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Introduction

UPDATE 6/6/18 Someone makes a replacement piece! Masica, thank you for the tip! Look on eBay for “DS-560 shaft” and it came up right away from seller g_loc.

For the workaround you need only a staple, bent straight -- or a straight pin. For the repair with a paperclip you will need two very small flathead screwdrivers for prying and one normal Philips head screwdriver and a pair of pliers or two. You will be removing the outer shells of the two main body pieces, removing a small shaft and bending a paperclip around the shaft to make it fit tightly in place again.

THE PROBLEM: In the front section that you pull up on the gray lever to allow to swivel out about 30 degrees --it's the section that says Epson on the front and has the lights-- a piece went bad in there. Here's the gist-- in order to pull just one sheet at a time, the rollers in the front panel must not move until the last sheet; they provide friction as the scanner pulls the sheets underneath out. What's happened is that one piece that's supposed to hold the roller from moving has failed and the roller now rolls and therefore the whole stack comes through. A small plastic shaft has tabs that have become splayed on one end and won't hold the rollers in place.

It should be easily replaceable -- almost without disassembly, but the Epson parts diagrams don't show this piece separately so I haven't found a place to buy a new one.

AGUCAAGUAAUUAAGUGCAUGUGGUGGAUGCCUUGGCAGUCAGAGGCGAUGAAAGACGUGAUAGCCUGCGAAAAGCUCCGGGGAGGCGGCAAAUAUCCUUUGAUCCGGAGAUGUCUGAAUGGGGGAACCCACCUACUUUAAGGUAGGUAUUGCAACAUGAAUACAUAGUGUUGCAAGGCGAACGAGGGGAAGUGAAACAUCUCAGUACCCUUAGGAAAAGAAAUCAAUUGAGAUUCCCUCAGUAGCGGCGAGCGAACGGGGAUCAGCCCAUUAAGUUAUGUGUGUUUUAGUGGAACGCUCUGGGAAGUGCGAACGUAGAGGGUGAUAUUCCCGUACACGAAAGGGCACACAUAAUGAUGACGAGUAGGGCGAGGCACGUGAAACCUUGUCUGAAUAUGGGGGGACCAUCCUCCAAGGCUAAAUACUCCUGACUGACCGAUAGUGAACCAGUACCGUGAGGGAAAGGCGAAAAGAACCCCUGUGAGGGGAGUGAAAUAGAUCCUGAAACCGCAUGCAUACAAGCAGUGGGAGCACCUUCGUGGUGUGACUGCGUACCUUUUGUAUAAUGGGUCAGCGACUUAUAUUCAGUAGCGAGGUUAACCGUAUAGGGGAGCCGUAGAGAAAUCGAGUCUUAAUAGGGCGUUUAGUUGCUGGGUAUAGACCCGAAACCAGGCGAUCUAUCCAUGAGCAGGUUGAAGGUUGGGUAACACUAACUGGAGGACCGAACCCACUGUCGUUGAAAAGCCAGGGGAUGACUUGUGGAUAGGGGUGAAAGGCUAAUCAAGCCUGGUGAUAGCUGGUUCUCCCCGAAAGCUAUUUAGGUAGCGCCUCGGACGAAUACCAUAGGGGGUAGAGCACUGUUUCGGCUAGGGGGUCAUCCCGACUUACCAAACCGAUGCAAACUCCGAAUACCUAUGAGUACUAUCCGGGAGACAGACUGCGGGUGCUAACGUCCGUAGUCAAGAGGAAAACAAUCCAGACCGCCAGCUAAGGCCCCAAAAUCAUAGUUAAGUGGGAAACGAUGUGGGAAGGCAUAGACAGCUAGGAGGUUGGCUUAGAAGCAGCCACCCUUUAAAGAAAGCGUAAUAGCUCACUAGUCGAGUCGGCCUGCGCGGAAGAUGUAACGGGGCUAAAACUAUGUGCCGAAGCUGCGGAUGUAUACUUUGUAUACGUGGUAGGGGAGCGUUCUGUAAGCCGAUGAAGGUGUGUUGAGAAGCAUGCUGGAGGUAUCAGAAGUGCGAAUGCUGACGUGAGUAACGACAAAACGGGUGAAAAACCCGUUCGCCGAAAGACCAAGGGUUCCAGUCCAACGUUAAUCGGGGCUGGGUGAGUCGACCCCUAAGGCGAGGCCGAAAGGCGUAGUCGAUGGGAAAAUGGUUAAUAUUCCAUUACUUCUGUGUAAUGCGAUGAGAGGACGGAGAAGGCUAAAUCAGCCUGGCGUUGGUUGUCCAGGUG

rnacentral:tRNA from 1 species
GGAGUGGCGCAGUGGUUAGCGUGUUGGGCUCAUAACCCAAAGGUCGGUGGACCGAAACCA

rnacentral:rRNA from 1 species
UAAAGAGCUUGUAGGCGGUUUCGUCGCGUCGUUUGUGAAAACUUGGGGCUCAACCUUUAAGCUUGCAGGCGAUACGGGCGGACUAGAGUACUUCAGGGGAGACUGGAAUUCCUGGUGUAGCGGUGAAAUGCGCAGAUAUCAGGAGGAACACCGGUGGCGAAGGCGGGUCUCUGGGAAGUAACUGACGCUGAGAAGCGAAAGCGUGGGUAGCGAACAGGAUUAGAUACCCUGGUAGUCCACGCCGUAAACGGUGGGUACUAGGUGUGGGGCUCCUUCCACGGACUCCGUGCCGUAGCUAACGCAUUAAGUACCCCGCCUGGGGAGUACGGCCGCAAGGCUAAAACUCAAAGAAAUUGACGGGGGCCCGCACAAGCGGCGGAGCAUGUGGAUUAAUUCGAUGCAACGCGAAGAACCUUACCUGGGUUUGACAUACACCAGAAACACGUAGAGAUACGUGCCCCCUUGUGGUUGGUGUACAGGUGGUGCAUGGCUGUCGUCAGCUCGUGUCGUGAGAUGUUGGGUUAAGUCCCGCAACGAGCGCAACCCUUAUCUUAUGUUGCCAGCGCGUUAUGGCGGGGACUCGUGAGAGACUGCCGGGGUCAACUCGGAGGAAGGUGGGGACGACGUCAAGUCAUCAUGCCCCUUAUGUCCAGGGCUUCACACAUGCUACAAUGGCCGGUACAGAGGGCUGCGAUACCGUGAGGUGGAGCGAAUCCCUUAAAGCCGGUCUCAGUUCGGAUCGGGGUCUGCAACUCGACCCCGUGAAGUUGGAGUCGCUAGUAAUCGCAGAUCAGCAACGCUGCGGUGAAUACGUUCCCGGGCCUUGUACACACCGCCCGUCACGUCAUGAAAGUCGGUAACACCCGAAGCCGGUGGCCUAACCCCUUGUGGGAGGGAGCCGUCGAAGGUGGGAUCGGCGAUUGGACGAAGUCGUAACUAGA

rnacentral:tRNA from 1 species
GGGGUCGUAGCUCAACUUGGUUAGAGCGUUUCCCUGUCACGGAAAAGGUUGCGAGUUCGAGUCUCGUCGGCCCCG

1. This first few step are a WORKAROUND, the repair guide starts at step FOUR. Use this if you're desperate and absolutely need it to scan hundreds of pages RIGHT NOW. Open the front panel by pulling the gray lever as indicated.
    • This first few step are a WORKAROUND, the repair guide starts at step FOUR. Use this if you're desperate and absolutely need it to scan hundreds of pages RIGHT NOW. Open the front panel by pulling the gray lever as indicated.

    • NOTE: One person posted that this worked for them without it jamming and is therefore their permanent fix so try this first.

    • From Saul Rosenthal: "[can do it] without disassembling any of the covers. Go directly to the rollers and remove, then follow removal of the stub shaft for your repair. Assembly required that the DS-510 be put on its side looking down into the access hole and ensure that the interior shaft is there to engage and complete assembly and reinstall rollers."

  2. Inside, on the back of the panel you just opened, you will see two identical foam rollers. Stick a straightened staple or straight pin through the foam so they won't be able to roll anymore once the pin hits the bar between them. NOTE: One person posted that this worked for them without it jamming, so try this first. Inside, on the back of the panel you just opened, you will see two identical foam rollers. Stick a straightened staple or straight pin through the foam so they won't be able to roll anymore once the pin hits the bar between them. NOTE: One person posted that this worked for them without it jamming, so try this first.
    • Inside, on the back of the panel you just opened, you will see two identical foam rollers. Stick a straightened staple or straight pin through the foam so they won't be able to roll anymore once the pin hits the bar between them. NOTE: One person posted that this worked for them without it jamming, so try this first.

    • When you go to scan this way, you'll have to put an extra sheet at the end of your stack that will then "jam" once it tries to scan, since the rollers won't let go of it, but you'll at least get the rest of the papers scanned.